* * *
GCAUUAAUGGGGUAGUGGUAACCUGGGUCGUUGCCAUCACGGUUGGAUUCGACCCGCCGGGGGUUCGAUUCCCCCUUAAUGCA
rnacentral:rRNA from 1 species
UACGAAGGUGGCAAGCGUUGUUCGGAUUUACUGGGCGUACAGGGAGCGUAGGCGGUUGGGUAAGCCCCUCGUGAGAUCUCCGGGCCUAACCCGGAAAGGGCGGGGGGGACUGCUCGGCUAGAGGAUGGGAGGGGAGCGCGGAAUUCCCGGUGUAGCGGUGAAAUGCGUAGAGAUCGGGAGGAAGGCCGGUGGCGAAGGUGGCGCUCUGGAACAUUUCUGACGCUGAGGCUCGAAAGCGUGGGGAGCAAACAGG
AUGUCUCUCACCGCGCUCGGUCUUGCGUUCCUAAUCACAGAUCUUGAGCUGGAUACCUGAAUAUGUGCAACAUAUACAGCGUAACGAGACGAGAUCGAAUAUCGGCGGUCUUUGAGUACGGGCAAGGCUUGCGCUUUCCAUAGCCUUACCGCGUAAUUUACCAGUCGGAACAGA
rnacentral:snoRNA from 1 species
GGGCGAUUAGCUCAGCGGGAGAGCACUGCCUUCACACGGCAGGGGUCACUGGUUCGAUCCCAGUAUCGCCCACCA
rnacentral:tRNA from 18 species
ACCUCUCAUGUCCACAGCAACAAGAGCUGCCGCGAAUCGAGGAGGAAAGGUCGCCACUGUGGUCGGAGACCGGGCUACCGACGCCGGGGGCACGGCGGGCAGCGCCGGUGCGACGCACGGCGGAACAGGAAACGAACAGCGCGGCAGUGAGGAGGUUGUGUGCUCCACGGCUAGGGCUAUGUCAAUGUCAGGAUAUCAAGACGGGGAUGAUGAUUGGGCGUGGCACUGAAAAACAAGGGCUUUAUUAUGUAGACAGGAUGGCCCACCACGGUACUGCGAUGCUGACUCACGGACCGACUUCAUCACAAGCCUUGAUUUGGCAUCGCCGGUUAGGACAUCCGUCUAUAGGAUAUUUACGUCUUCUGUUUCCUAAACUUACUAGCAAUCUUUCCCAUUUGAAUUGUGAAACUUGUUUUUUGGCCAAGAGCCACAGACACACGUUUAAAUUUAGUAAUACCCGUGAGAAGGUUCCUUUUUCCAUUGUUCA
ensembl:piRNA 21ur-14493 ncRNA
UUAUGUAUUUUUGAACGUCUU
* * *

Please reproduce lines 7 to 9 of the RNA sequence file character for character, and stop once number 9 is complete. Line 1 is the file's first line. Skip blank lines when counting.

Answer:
rnacentral:tRNA from 18 species
ACCUCUCAUGUCCACAGCAACAAGAGCUGCCGCGAAUCGAGGAGGAAAGGUCGCCACUGUGGUCGGAGACCGGGCUACCGACGCCGGGGGCACGGCGGGCAGCGCCGGUGCGACGCACGGCGGAACAGGAAACGAACAGCGCGGCAGUGAGGAGGUUGUGUGCUCCACGGCUAGGGCUAUGUCAAUGUCAGGAUAUCAAGACGGGGAUGAUGAUUGGGCGUGGCACUGAAAAACAAGGGCUUUAUUAUGUAGACAGGAUGGCCCACCACGGUACUGCGAUGCUGACUCACGGACCGACUUCAUCACAAGCCUUGAUUUGGCAUCGCCGGUUAGGACAUCCGUCUAUAGGAUAUUUACGUCUUCUGUUUCCUAAACUUACUAGCAAUCUUUCCCAUUUGAAUUGUGAAACUUGUUUUUUGGCCAAGAGCCACAGACACACGUUUAAAUUUAGUAAUACCCGUGAGAAGGUUCCUUUUUCCAUUGUUCA
ensembl:piRNA 21ur-14493 ncRNA